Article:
NAIROBI, Kenya, Feb 15 – A Mombasa High Court judge on Monday recommended the establishment of a protection trust fund for compensating victims of crime.
Martin Muya said in his experience as a judge, he had noted with concern that most victims of criminal cases do not receive compensation especially where accused persons have a poor financial base.
“It is my considered view that owing to the rampant violation of victims’ rights, a fund needs to be established soonest,” he urged.
A case in point was the murder of 14 year-old Kwekwe Mwandaza who was shot by police in Kwale in August 2014.
While Justice Muya found Veronica Gitahi and Constable Issa Mzee guilty of manslaughter and sentenced them to seven years imprisonment, he regretted that he could not order them to compensate her family.
“I find it would not be in the interest of justice to order that the accused persons personally compensate the victims. This would amount to the punishment of their families in the event that a custodial sentence is meted out on them.”
In his view, whereas the family of the deceased deserved compensation after the guilty verdict, the court could not compel the two police officers to pay for the damages due to their weak financial status.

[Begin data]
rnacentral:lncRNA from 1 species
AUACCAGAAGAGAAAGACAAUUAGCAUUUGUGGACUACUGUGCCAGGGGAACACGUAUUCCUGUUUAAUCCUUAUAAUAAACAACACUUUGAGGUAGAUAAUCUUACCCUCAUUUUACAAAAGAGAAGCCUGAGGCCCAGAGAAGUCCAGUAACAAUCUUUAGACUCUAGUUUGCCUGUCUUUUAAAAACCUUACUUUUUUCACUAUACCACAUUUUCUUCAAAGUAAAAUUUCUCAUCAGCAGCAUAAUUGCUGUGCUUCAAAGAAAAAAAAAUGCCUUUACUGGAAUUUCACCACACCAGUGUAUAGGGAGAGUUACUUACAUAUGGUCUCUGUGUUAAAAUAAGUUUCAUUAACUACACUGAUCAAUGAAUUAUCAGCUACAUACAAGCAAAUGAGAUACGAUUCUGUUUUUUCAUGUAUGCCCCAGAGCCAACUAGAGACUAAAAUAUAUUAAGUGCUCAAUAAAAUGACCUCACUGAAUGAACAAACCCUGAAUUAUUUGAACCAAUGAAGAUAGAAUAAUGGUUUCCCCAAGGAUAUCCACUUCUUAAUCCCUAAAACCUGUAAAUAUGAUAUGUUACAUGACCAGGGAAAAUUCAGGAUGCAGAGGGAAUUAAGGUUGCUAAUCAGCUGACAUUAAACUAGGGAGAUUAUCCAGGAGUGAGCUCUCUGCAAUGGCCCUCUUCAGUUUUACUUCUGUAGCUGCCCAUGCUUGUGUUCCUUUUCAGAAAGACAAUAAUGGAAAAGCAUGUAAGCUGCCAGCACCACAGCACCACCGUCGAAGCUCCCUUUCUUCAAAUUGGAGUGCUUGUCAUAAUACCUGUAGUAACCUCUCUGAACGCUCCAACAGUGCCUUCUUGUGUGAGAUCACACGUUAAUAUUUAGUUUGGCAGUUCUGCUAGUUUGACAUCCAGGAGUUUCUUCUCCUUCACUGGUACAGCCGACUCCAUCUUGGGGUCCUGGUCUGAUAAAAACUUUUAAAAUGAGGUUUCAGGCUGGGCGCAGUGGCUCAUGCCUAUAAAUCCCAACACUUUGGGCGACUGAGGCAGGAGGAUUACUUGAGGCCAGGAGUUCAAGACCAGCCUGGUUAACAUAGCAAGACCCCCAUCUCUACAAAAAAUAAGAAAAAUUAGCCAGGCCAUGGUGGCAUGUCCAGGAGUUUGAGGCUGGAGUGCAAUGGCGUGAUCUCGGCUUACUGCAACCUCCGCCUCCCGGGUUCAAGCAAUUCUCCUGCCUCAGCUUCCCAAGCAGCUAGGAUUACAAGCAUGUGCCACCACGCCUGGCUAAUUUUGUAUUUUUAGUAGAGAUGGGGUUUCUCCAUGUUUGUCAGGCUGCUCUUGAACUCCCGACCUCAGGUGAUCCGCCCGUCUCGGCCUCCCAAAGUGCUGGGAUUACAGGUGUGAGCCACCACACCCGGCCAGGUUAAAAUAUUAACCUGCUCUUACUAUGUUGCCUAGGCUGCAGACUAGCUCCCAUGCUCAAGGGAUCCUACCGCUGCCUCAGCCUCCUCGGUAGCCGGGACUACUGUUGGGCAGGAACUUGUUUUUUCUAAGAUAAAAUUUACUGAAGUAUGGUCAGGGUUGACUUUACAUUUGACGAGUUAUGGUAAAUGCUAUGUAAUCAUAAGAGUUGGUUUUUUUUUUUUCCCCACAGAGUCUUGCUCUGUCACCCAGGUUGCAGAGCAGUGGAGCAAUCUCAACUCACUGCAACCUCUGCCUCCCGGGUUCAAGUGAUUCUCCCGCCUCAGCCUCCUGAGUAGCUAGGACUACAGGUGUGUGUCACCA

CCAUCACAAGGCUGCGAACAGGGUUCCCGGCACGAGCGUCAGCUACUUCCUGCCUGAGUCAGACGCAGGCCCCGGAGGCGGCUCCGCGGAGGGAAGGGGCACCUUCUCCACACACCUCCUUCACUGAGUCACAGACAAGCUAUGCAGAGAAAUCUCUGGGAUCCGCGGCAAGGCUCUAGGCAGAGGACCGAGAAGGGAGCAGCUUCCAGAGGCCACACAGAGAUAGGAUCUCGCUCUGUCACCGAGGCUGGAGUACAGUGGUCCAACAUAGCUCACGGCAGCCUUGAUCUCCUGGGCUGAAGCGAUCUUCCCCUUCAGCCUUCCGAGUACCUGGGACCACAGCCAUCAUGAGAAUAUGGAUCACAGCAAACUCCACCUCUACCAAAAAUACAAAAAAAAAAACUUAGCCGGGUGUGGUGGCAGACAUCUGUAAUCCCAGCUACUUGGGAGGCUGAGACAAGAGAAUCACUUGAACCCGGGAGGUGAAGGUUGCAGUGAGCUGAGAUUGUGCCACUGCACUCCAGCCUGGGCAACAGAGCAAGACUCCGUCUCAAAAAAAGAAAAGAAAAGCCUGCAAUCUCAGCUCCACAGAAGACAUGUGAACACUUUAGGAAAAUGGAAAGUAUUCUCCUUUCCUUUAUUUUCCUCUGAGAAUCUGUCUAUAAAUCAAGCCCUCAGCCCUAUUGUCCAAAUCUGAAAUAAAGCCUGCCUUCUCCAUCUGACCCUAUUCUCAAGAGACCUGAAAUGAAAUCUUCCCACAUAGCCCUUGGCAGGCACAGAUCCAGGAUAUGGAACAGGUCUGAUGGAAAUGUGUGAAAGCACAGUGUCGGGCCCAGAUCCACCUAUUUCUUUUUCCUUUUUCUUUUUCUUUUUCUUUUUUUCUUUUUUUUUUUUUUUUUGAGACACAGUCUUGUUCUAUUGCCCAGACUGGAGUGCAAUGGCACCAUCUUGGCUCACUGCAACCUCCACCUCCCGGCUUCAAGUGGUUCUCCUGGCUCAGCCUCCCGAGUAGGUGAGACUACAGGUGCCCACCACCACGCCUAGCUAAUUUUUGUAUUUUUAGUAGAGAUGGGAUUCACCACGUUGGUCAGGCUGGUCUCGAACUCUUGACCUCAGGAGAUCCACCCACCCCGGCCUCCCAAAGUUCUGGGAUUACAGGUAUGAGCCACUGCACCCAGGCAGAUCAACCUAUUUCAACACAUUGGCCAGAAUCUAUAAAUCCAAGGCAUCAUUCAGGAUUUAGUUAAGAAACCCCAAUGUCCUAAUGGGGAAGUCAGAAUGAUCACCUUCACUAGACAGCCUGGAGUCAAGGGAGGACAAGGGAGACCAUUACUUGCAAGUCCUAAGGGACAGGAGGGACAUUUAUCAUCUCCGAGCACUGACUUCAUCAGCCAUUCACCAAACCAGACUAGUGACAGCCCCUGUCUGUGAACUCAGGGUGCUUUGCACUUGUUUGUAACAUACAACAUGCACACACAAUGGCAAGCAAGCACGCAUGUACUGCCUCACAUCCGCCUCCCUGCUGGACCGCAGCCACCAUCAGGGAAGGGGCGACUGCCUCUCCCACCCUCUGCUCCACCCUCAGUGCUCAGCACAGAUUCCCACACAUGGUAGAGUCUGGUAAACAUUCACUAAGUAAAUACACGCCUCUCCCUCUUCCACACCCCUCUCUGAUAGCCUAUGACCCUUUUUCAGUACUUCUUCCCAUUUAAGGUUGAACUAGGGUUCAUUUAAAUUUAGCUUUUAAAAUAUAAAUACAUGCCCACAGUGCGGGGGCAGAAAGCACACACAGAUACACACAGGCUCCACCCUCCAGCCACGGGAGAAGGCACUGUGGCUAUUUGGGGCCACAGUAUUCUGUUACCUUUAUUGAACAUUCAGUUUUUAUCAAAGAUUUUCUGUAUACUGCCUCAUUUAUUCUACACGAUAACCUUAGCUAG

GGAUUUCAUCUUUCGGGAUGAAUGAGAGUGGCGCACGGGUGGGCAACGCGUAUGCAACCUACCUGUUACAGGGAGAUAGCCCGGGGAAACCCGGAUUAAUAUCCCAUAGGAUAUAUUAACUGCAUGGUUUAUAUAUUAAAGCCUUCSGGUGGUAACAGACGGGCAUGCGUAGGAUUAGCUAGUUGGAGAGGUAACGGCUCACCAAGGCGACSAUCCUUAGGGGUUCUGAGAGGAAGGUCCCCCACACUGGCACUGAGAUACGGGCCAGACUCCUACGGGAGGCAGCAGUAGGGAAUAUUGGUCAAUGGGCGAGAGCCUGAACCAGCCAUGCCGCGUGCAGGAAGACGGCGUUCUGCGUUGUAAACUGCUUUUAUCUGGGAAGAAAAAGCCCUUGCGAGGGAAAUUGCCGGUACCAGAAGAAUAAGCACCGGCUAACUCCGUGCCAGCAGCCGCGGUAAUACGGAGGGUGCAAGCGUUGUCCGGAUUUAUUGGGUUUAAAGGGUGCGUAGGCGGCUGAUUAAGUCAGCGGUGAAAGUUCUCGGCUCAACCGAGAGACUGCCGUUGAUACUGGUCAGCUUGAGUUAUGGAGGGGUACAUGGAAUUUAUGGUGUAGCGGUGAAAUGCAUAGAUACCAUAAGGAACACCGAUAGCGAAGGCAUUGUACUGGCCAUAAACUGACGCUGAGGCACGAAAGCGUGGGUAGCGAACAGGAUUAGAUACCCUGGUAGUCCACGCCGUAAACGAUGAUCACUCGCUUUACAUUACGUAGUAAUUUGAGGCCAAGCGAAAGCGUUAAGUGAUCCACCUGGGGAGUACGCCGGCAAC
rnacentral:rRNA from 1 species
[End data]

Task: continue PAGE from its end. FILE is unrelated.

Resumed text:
“These are people of straw. In my estimation they lack the financial wherewithal of compensating the victims of this murder,” the judge considered.
“The first accused is a single mother with children at the university. The second accused is a young man with children at the primary level.
In his view, forcing them into compensation would be unjust.
“Justice must be tempered with mercy. A protection trust fund meant for compensation of victims is yet to be established.”
Muya however said his decision was not the tail end of seeking for compensation in the case.
“The victims of this murder are not without redress. They are at liberty to institute civil proceedings against the accused persons and the government as their employer. Therein lays proper and adequate compensation,” Muya advised.
The judge was also disturbed by the ‘rampant misuse of firearms by the police’ explaining that Mwandaza’s case was not unique.
In his view, there is need for security officers in the country to pay attention to the National Police Service Act on use of firearms to ensure they are responsibly used.